South Korea Conducts First Land-Based Firing Drills in Border Area in Six Years

South Korea has resumed land-based firing exercises near the North Korean border for the first time in six years, following the suspension of a military agreement from 2018

by Sededin Dedovic
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South Korea Conducts First Land-Based Firing Drills in Border Area in Six Years
© Chung Sung-Jun / getty Images


South Korea began live-fire exercises at artillery ranges near the border with North Korea today, for the first time in six years, following the suspension of the inter-Korean military agreement that limited such exercises.

Troops fired about 140 rounds using K9 and K105A1 self-propelled howitzers during exercises in the Gyeonggi and Gangwon provinces, located five kilometers from the military demarcation line within the demilitarized zone that separates the two Koreas, the South Korean military reported, as per Yonhap.

"The firing exercises, the first to be conducted on land after the government fully suspended the Military Agreement of September 19, 2018, focus on strengthening artillery readiness and response capabilities in the event of enemy provocations," the military stated.

The statement also mentioned that the South Korean military will continue to regularly conduct artillery exercises and maneuver unit training in border areas. This move came almost a month after South Korea completely suspended the 2018 inter-Korean military agreement, following North Korea's campaign of sending trash-laden balloons across the border and attempts to disrupt GPS signals near border islands, the South Korean agency reported.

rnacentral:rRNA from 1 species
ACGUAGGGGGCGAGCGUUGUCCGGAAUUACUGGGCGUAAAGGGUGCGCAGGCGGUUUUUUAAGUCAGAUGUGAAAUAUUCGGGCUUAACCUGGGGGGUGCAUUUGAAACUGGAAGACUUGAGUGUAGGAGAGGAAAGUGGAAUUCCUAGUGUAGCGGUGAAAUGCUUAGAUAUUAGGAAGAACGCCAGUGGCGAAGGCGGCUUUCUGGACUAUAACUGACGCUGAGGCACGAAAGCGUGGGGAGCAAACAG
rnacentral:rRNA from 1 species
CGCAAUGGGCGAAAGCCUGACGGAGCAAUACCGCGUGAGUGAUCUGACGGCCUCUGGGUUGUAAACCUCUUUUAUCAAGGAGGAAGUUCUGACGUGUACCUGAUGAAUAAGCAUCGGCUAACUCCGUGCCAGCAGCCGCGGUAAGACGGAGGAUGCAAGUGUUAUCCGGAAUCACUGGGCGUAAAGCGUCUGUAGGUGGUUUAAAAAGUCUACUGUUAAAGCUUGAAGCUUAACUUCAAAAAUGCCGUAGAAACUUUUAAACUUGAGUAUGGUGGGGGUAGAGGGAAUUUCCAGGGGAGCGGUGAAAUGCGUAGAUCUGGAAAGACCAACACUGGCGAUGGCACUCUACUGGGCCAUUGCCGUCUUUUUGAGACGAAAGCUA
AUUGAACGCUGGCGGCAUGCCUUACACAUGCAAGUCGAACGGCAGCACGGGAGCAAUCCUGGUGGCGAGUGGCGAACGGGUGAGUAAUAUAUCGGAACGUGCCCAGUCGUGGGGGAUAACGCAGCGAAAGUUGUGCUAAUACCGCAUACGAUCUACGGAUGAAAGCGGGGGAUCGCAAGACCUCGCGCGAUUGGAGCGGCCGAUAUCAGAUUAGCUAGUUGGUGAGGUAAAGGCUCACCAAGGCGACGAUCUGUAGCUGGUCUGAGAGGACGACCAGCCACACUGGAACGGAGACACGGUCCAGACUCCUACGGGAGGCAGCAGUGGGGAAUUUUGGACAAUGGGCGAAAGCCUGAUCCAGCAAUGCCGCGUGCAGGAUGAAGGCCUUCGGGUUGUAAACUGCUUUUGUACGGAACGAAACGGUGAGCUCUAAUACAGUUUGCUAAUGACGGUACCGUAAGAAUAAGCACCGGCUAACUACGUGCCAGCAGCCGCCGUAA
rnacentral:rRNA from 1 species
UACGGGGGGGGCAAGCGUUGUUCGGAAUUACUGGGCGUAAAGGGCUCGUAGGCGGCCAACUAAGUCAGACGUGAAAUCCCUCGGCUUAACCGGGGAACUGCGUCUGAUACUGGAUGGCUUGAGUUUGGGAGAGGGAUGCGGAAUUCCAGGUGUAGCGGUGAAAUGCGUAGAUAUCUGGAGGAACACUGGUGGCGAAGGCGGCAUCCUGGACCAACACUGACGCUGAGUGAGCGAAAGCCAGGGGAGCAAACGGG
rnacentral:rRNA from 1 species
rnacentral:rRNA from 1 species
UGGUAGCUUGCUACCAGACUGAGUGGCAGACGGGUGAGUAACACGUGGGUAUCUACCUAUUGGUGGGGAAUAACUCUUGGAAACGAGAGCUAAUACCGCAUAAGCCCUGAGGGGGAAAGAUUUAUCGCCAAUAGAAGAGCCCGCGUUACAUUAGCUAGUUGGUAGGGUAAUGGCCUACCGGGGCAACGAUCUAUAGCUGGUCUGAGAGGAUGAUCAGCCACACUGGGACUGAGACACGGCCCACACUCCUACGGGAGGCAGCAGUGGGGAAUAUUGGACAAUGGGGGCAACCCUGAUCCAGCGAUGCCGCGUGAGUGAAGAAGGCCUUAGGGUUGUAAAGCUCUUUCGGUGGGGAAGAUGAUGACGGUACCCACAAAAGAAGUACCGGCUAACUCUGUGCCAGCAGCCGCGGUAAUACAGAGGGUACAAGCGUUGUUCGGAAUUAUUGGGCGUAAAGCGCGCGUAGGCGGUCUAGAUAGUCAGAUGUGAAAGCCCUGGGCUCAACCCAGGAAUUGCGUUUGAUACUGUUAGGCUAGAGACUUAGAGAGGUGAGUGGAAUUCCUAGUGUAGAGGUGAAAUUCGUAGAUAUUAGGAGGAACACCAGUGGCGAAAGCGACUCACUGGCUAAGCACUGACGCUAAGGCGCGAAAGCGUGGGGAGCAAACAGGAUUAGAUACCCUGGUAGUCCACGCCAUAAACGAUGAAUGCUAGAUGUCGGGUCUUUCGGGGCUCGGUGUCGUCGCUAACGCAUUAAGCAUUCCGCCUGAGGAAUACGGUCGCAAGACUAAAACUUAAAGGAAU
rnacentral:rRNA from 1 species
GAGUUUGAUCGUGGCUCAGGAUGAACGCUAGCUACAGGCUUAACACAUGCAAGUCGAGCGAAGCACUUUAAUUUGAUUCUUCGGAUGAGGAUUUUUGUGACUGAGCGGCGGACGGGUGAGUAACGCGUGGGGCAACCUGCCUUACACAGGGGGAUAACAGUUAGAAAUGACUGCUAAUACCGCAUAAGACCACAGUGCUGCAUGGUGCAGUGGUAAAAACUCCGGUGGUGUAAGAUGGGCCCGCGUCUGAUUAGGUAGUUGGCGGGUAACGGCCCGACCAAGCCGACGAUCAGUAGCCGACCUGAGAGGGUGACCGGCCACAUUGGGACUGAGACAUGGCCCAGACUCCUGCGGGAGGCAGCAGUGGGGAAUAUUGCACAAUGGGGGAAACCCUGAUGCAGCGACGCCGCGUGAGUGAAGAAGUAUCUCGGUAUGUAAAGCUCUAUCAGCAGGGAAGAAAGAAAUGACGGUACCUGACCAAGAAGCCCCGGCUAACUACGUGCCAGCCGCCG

Since the end of May, North Korea has launched more than 2,000 trash balloons across the border, claiming it as a response to the propaganda campaign of North Korean defectors and South Korean activists who regularly send balloons with food, medicine, money, and leaflets criticizing leaders in Pyongyang.

North Korea criticized the joint military exercise of South Korea, Japan, and the United States held this month, stating that such exercises show that the relationship between the three countries has developed into an "Asian version of NATO," state media reported, according to Reuters.

On Thursday, the three countries began large-scale joint maneuvers involving naval destroyers, fighter jets, and the nuclear-powered American aircraft carrier Theodore Roosevelt, aiming to strengthen defense against missile, submarine, and air attacks.

The exercise was devised at the Camp David trilateral summit last year to strengthen military cooperation amid tensions on the Korean Peninsula stemming from North Korea's weapons tests.

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